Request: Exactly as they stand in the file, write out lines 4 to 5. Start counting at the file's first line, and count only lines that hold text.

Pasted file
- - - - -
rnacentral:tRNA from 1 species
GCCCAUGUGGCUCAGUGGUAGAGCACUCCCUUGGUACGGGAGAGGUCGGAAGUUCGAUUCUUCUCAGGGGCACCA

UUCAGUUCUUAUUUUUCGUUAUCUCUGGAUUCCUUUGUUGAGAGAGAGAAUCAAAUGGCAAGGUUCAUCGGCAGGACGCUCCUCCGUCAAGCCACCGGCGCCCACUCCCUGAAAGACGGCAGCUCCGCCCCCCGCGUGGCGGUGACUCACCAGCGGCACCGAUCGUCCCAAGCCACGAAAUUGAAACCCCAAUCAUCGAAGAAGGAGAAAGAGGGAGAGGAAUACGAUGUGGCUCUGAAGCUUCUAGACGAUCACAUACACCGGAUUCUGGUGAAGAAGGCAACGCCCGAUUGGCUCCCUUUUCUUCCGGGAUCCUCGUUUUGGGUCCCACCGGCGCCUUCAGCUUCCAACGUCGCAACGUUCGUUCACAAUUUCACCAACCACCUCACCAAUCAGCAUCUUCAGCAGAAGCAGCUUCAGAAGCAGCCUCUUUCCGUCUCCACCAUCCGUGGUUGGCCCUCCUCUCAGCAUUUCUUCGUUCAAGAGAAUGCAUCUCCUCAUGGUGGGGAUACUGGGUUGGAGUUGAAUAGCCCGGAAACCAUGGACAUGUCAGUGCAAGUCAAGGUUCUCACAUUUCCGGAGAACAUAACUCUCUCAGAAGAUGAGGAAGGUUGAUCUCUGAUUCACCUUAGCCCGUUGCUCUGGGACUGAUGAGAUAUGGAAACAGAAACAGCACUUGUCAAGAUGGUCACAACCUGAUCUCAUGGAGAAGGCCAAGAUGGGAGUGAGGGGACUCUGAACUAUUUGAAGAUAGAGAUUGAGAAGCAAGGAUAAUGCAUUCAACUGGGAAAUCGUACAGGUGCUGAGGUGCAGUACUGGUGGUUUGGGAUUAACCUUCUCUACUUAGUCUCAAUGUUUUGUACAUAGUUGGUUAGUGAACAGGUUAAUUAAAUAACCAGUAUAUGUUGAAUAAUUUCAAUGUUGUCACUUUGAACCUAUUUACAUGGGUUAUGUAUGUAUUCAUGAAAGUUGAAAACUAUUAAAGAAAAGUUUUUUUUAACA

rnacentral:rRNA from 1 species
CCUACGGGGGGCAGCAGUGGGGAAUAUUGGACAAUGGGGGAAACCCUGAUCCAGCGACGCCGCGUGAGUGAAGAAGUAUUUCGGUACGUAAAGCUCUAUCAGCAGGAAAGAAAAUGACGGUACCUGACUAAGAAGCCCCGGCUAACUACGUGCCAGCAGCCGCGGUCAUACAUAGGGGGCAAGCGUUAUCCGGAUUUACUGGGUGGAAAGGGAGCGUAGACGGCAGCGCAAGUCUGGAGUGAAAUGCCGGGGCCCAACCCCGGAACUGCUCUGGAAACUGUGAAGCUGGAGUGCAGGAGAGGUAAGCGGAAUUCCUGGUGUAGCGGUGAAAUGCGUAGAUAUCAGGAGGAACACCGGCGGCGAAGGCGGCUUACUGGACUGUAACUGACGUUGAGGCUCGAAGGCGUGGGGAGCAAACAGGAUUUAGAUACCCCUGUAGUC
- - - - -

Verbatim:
rnacentral:rRNA from 1 species
CCUACGGGGGGCAGCAGUGGGGAAUAUUGGACAAUGGGGGAAACCCUGAUCCAGCGACGCCGCGUGAGUGAAGAAGUAUUUCGGUACGUAAAGCUCUAUCAGCAGGAAAGAAAAUGACGGUACCUGACUAAGAAGCCCCGGCUAACUACGUGCCAGCAGCCGCGGUCAUACAUAGGGGGCAAGCGUUAUCCGGAUUUACUGGGUGGAAAGGGAGCGUAGACGGCAGCGCAAGUCUGGAGUGAAAUGCCGGGGCCCAACCCCGGAACUGCUCUGGAAACUGUGAAGCUGGAGUGCAGGAGAGGUAAGCGGAAUUCCUGGUGUAGCGGUGAAAUGCGUAGAUAUCAGGAGGAACACCGGCGGCGAAGGCGGCUUACUGGACUGUAACUGACGUUGAGGCUCGAAGGCGUGGGGAGCAAACAGGAUUUAGAUACCCCUGUAGUC